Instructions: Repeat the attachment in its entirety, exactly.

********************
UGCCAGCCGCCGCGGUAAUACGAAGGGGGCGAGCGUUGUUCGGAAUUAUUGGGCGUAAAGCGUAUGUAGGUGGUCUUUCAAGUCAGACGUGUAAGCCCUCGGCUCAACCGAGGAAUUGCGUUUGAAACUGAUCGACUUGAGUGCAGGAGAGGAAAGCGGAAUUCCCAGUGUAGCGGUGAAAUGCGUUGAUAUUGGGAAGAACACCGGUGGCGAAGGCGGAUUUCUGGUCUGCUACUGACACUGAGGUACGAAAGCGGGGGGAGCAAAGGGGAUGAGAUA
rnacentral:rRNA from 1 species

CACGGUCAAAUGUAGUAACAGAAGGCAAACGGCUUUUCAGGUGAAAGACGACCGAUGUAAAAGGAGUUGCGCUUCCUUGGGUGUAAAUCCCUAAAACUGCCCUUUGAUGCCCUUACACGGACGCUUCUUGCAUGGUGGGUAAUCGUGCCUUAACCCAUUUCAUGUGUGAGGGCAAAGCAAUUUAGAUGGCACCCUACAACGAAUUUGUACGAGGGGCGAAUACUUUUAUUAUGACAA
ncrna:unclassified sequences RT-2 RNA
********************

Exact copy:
UGCCAGCCGCCGCGGUAAUACGAAGGGGGCGAGCGUUGUUCGGAAUUAUUGGGCGUAAAGCGUAUGUAGGUGGUCUUUCAAGUCAGACGUGUAAGCCCUCGGCUCAACCGAGGAAUUGCGUUUGAAACUGAUCGACUUGAGUGCAGGAGAGGAAAGCGGAAUUCCCAGUGUAGCGGUGAAAUGCGUUGAUAUUGGGAAGAACACCGGUGGCGAAGGCGGAUUUCUGGUCUGCUACUGACACUGAGGUACGAAAGCGGGGGGAGCAAAGGGGAUGAGAUA
rnacentral:rRNA from 1 species

CACGGUCAAAUGUAGUAACAGAAGGCAAACGGCUUUUCAGGUGAAAGACGACCGAUGUAAAAGGAGUUGCGCUUCCUUGGGUGUAAAUCCCUAAAACUGCCCUUUGAUGCCCUUACACGGACGCUUCUUGCAUGGUGGGUAAUCGUGCCUUAACCCAUUUCAUGUGUGAGGGCAAAGCAAUUUAGAUGGCACCCUACAACGAAUUUGUACGAGGGGCGAAUACUUUUAUUAUGACAA
ncrna:unclassified sequences RT-2 RNA